Newspaper article The Evening Standard (London, England)

Girls Need to Be Taught Virginia Is a Much Better Role Model Than Paris Hilton; Feminine Harm: Paris Hilton and Other Stars Have a Negative Influence on Girls, Says the Study, Which Suggests Virginia Woolf as a Better Influence

Newspaper article The Evening Standard (London, England)

Girls Need to Be Taught Virginia Is a Much Better Role Model Than Paris Hilton; Feminine Harm: Paris Hilton and Other Stars Have a Negative Influence on Girls, Says the Study, Which Suggests Virginia Woolf as a Better Influence

Article excerpt

Byline: TIM ROSS

TEENAGE girls should learn feminism at school to overcome the negative influences of celebrities such as Paris Hilton and Kate Moss, a study said today.

Figures such as Virginia Woolf, Suffragettes leader Emmeline Pankhurst and even US cartoon character Lisa Simpson can be positive role models for young women, it suggested.

Researcher Dr Jessica Ringrose, from London's Institute of Education, found that girls increasingly defined themselves by their ability to be sexually attractive to men.

Her findings came amid widespread concern over the sexualisation of childhood through films, teen magazines, and advertising.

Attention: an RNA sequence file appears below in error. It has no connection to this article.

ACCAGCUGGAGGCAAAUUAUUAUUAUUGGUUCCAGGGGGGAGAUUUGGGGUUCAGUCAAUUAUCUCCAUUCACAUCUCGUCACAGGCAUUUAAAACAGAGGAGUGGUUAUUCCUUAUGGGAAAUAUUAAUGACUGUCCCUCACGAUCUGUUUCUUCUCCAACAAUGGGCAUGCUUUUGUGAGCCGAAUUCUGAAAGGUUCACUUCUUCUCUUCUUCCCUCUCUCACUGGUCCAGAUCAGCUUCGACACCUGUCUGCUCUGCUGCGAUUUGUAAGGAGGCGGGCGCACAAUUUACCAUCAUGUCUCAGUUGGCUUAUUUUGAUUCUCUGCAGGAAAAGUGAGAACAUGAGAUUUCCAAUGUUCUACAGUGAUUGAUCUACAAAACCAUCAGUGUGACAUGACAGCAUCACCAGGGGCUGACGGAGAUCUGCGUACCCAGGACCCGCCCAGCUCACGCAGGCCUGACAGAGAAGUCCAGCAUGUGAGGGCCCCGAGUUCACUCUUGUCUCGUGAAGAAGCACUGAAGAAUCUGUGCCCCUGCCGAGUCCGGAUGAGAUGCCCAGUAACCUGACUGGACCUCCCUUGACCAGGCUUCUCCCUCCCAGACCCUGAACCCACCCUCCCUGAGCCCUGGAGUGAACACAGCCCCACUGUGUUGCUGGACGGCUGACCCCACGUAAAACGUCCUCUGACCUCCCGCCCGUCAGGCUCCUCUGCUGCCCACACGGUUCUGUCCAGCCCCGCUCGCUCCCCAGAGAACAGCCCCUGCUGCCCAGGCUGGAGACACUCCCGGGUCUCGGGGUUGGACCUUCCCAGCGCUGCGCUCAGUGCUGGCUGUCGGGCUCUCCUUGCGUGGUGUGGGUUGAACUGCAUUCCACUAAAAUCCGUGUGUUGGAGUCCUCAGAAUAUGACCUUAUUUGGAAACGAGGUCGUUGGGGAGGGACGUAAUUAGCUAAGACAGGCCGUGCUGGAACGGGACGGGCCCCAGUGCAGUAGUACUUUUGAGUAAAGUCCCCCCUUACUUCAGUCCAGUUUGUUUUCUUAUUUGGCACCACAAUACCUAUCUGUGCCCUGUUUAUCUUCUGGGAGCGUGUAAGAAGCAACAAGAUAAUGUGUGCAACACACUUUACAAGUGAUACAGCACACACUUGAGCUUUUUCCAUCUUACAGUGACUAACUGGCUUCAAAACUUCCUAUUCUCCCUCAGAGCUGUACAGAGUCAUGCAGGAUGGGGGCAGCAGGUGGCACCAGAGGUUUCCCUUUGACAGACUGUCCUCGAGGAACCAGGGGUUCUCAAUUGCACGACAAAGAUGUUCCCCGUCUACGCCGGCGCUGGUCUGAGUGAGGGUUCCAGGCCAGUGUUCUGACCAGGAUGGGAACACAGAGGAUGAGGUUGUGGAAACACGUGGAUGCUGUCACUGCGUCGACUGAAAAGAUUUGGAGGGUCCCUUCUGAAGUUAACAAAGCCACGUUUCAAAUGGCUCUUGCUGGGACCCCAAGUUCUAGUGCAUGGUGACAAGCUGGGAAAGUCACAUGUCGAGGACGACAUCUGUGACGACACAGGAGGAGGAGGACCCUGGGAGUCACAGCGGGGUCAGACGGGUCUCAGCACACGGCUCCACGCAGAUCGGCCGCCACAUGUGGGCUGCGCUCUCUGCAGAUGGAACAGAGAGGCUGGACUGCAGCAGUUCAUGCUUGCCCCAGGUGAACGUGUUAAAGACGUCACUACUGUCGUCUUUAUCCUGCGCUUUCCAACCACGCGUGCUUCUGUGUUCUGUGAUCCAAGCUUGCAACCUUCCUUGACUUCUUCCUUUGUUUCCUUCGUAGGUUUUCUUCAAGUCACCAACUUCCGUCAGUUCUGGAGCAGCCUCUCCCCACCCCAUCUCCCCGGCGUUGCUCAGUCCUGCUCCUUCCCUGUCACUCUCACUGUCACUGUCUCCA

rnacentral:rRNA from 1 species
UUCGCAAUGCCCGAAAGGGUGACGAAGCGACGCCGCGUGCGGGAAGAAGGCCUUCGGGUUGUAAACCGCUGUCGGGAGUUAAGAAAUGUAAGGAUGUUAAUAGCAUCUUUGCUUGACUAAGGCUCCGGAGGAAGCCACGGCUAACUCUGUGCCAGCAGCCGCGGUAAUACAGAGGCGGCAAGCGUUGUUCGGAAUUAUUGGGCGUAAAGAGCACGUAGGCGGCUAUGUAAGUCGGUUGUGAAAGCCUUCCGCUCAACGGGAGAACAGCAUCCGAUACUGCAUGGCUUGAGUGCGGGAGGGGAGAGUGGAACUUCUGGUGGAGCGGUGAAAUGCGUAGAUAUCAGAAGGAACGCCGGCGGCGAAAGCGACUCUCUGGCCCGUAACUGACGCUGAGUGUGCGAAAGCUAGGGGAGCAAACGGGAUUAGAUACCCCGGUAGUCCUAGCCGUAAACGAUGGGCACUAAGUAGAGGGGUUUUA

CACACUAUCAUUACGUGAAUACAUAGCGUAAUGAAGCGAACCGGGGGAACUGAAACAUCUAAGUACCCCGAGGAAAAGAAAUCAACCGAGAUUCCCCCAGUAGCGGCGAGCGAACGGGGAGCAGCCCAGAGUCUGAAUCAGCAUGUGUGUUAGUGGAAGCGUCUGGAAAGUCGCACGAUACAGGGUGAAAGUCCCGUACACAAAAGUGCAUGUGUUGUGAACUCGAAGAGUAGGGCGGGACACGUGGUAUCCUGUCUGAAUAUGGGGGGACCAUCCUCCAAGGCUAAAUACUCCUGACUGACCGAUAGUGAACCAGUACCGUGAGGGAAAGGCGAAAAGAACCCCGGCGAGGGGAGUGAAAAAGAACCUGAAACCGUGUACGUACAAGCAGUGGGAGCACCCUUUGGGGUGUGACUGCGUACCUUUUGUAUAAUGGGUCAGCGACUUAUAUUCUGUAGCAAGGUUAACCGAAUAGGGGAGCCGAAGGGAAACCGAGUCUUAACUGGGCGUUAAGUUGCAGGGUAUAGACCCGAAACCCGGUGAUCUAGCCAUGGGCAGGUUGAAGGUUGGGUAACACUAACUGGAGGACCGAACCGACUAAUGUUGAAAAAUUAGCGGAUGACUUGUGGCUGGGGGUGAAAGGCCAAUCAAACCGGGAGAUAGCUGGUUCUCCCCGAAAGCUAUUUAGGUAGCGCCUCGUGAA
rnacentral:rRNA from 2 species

Dr Ringrose said: "If you look at the images and representations girls have to identify with, they are primarily defined through their bodies being thin, having fake boobs." The trend is true of "almost all" representations of women such as Britney Spears, Kate Moss and Paris Hilton in magazines and music videos that are central to young girls' social lives, she said.

"It's important for girls to have a forum for discussing these issues so 'feminism' isn't such a dirty word," she added.

Dr Ringrose believes lessons in feminism in schools could help overcome the myth that men and women are now equal.

Most schools see gender equality in terms of exam results, where girls now outshine boys in most subjects, she said. But in the adult world, women are still paid less and face dilemmas trying to balance work and family life. Dr Ringrose also said positive role could help girls resist being sexualised by male desires. "We need to reinvigorate feminism," she said.

Her research, reported in the Times Educational Supplement, involved a series of interviews with teenage girls to study their social habits. She found that sexualised language was common.

Dr Ringrose analysed comments posted by girls on social networking sites such as Bebo.

Girls frequently defined their desirability by their willingness to meet men's needs. …

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